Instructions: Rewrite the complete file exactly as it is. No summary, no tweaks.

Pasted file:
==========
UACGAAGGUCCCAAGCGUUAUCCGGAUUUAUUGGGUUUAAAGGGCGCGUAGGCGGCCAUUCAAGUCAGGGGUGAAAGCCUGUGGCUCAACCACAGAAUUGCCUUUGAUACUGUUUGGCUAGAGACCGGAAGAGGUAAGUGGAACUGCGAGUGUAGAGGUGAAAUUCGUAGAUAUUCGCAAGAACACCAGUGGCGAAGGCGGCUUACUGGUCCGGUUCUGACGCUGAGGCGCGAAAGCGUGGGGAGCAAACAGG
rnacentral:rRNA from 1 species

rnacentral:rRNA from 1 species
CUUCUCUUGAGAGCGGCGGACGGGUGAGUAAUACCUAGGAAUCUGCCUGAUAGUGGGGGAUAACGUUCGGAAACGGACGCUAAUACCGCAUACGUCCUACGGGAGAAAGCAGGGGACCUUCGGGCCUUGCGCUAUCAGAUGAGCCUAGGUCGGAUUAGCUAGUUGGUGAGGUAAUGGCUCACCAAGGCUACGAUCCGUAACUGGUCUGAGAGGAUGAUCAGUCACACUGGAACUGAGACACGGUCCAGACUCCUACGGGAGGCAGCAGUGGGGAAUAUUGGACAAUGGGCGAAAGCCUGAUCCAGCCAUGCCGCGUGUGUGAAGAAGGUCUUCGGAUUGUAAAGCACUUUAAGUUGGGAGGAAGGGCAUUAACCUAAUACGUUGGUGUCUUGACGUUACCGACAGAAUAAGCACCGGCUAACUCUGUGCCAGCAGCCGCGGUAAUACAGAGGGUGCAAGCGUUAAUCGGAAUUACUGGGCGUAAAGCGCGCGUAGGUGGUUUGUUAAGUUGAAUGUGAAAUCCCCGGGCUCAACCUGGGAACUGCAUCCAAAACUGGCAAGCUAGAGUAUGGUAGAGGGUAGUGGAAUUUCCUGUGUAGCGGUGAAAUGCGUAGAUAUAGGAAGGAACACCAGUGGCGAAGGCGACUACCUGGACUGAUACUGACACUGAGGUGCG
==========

UACGAAGGUCCCAAGCGUUAUCCGGAUUUAUUGGGUUUAAAGGGCGCGUAGGCGGCCAUUCAAGUCAGGGGUGAAAGCCUGUGGCUCAACCACAGAAUUGCCUUUGAUACUGUUUGGCUAGAGACCGGAAGAGGUAAGUGGAACUGCGAGUGUAGAGGUGAAAUUCGUAGAUAUUCGCAAGAACACCAGUGGCGAAGGCGGCUUACUGGUCCGGUUCUGACGCUGAGGCGCGAAAGCGUGGGGAGCAAACAGG
rnacentral:rRNA from 1 species

rnacentral:rRNA from 1 species
CUUCUCUUGAGAGCGGCGGACGGGUGAGUAAUACCUAGGAAUCUGCCUGAUAGUGGGGGAUAACGUUCGGAAACGGACGCUAAUACCGCAUACGUCCUACGGGAGAAAGCAGGGGACCUUCGGGCCUUGCGCUAUCAGAUGAGCCUAGGUCGGAUUAGCUAGUUGGUGAGGUAAUGGCUCACCAAGGCUACGAUCCGUAACUGGUCUGAGAGGAUGAUCAGUCACACUGGAACUGAGACACGGUCCAGACUCCUACGGGAGGCAGCAGUGGGGAAUAUUGGACAAUGGGCGAAAGCCUGAUCCAGCCAUGCCGCGUGUGUGAAGAAGGUCUUCGGAUUGUAAAGCACUUUAAGUUGGGAGGAAGGGCAUUAACCUAAUACGUUGGUGUCUUGACGUUACCGACAGAAUAAGCACCGGCUAACUCUGUGCCAGCAGCCGCGGUAAUACAGAGGGUGCAAGCGUUAAUCGGAAUUACUGGGCGUAAAGCGCGCGUAGGUGGUUUGUUAAGUUGAAUGUGAAAUCCCCGGGCUCAACCUGGGAACUGCAUCCAAAACUGGCAAGCUAGAGUAUGGUAGAGGGUAGUGGAAUUUCCUGUGUAGCGGUGAAAUGCGUAGAUAUAGGAAGGAACACCAGUGGCGAAGGCGACUACCUGGACUGAUACUGACACUGAGGUGCG